We stood on the banks of Clover Creek, in the depths of a pandemic.
Happily married we may be, but an odd couple we be.
My husband Pete — the master of denial.
And me — the master of hyper-vigilance.
We’ve been holed up for two weeks — leaving the house only when necessary, furiously working the phones to keep up with the spread of COVID-19.
But he gets twitchy without exercise.
And I was twitchy with Pandemic Anxiety Syndrome (if it doesn’t exist, it ought to now).
So now, during what they’re calling “The Great Pause” — we’re all pondering our mortality and our choices.
Even before the Great Pause, anxiety was running rampant.
Surveys suggest that even before this pandemic, 1 in 10 people — around the world — suffered from a mental illness. Depression and anxiety account for a big share of that total. A survey found that about 31% of people will cope with problematic levels of anxiety in their lives. Both depression and anxiety have increased among our social media bound young folks, according to assorted studies. And that was before the pandemic.
At least I know I am not alone.
So we got out of the house, while keeping our social distance from the rest of the world.
We drove past Pine and up into the Coconino National Forest seeking to change our attitudes with the altitude.
Mind you, my irritatingly cheerful husband has what you’d probably call a resilient personality.
He sees opportunity where I see threat.
He assumes the best while I brace for the worst.
I remember where I’ve stashed every roll of the toilet paper.
He can’t remember where he left the car keys.
Between us, we have the makings of a complete, well-balanced person — the sort who could shrug off the apocalypse without running out of toilet paper.
So we set out on the Clover Trail, with cameras, a bottle of wine, pesto cheese sandwiches, and homemade chocolate chip cookies.
We’d escaped the four walls of the house at last.
Even here, my mind went to dark places.
It looked so deserted. Like after the plague. Right before the zombies show up.
I pulled out my camera and shuttered away listlessly, wondering what will become of us all.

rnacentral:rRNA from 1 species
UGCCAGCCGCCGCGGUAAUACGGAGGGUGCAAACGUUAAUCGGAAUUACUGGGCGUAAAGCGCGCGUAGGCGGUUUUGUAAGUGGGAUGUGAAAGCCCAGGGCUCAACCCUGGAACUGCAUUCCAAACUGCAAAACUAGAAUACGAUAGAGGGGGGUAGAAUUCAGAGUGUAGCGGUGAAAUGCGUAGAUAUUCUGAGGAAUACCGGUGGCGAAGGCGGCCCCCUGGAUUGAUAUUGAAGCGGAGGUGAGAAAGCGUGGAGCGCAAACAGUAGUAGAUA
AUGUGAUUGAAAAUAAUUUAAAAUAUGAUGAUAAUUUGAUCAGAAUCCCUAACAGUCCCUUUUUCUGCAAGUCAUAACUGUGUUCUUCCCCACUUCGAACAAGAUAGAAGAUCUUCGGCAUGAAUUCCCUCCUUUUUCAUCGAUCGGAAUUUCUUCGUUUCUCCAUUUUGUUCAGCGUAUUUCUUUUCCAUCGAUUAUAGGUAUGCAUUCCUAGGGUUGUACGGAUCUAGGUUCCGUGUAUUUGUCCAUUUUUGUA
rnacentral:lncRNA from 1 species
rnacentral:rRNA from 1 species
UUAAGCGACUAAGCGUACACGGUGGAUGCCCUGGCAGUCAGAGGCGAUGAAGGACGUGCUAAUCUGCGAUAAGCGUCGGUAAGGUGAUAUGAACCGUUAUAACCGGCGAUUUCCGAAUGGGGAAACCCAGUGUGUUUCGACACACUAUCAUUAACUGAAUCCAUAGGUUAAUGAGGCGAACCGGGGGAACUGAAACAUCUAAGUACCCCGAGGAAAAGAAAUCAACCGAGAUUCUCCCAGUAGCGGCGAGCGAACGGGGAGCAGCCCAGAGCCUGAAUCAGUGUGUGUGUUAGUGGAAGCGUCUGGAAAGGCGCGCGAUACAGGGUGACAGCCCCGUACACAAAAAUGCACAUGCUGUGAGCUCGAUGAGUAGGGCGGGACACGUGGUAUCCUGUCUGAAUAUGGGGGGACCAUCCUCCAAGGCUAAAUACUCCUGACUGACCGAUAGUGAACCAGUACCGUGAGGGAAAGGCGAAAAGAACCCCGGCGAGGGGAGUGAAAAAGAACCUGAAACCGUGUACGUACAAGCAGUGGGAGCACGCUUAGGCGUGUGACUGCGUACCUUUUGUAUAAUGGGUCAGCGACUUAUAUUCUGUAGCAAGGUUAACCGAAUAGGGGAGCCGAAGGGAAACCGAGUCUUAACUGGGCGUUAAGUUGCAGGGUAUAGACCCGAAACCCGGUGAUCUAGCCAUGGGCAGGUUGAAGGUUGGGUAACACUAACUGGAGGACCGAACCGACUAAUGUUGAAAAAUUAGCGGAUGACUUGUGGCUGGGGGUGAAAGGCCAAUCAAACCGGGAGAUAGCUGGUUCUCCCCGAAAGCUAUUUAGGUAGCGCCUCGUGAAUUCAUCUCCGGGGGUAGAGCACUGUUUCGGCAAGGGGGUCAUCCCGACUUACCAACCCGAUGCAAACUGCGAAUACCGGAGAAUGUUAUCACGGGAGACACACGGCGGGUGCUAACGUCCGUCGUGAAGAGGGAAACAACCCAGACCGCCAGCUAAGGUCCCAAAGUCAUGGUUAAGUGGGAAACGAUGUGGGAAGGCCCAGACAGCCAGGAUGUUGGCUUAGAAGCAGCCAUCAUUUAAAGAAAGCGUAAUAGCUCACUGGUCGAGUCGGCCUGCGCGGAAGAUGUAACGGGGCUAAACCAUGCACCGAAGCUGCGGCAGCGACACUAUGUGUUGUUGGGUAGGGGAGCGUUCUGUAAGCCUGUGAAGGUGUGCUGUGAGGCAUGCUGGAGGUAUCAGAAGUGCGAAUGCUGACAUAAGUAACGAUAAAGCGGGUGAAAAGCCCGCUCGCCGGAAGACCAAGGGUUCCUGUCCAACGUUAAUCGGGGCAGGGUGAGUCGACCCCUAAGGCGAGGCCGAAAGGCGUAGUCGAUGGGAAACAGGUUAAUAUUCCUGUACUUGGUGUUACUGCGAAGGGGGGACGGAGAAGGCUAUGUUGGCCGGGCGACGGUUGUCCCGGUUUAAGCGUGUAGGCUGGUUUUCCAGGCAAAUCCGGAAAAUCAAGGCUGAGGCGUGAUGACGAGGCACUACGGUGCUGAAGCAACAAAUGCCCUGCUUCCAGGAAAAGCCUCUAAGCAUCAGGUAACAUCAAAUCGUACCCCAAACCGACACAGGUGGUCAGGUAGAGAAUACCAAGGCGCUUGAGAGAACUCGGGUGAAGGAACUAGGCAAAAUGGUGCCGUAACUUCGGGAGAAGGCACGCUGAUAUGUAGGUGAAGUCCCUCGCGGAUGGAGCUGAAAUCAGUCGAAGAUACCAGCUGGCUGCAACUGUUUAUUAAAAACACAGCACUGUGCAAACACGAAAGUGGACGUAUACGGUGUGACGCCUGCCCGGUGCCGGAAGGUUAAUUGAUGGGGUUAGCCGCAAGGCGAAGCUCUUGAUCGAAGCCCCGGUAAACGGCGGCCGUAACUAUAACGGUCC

Pete burbled on about all the rocks, the emerald green moss, the sound of the water, the abundance of cow prints and pies.
Noticing a Forest Service sign board, he rushed over to read it — returning breathlessly to announce a meadow restoration project.
“And check this out, see how the Forest Service built up that check dam? Slows the water down. Gets a meander started. Man, that’s a whole column. Looks like limestone. Bet it’s 300 million years old at least.”
“It’s my story,” I said defensively. “You use your angles, I’ll keep mine. I bet there’s a lot more readers interested in anxiety than in limestone,” I added, warming to the theme.
I get a little hot when I’m attached to an idea.
Clover Creek ended up the perfect hike to change my mood. It isn’t a fitness hike. It’s a meandering hike along a pristinely clear alpine stream. During this time of the year, with the stream swollen with melting snow (we saw a couple of patches), we had to rock hop to get across the stream.
Other parts of the hike we could gambol along a meadow that rolls around the stream.
Gradually, the beauty of the place seeped into me. The greens of the water plants burst through the water, enticing me to snap pictures.
The clouds scuttled across the sky and the yellow bellied ponderosas shimmered in the mirror-still water.
A pair of elk eyed us through the trees.
Flycatchers gyrated in the air as they gobbled up insects.
We took pictures. We laughed. We even yelled at each other across the creek until it felt like we were just spoofing the quarantine.
We stopped for our snack.
“See those big ponderosas,” Pete asked, pointing to a forked yellowbelly at least 200 feet tall across the stream.
“Must be 400 years old. Maybe 600.”
“Really,” I said skeptically.
“Bet they’ve seen a few pandemics,” he added.
I studied the tree, the wind singing in the needles, and felt somehow comforted.
Packing up the remains of lunch, I found Pete’s keys in the green grass. He was photographing the odd little plants growing on the bottom of the clear stream, so I tucked them into a pocket of the backpack.
Two hours later, we returned to the Jeep.
Pete started slapping his pockets, looking worried. Anxious.
“What’s wrong?” I asked.
“I lost the keys,” he blurted.
“They’re in the pocket of the backpack,” I said, smiling.
Like I said: “Put us together and you’ve got a well-balanced person.”
Bring on the zombies.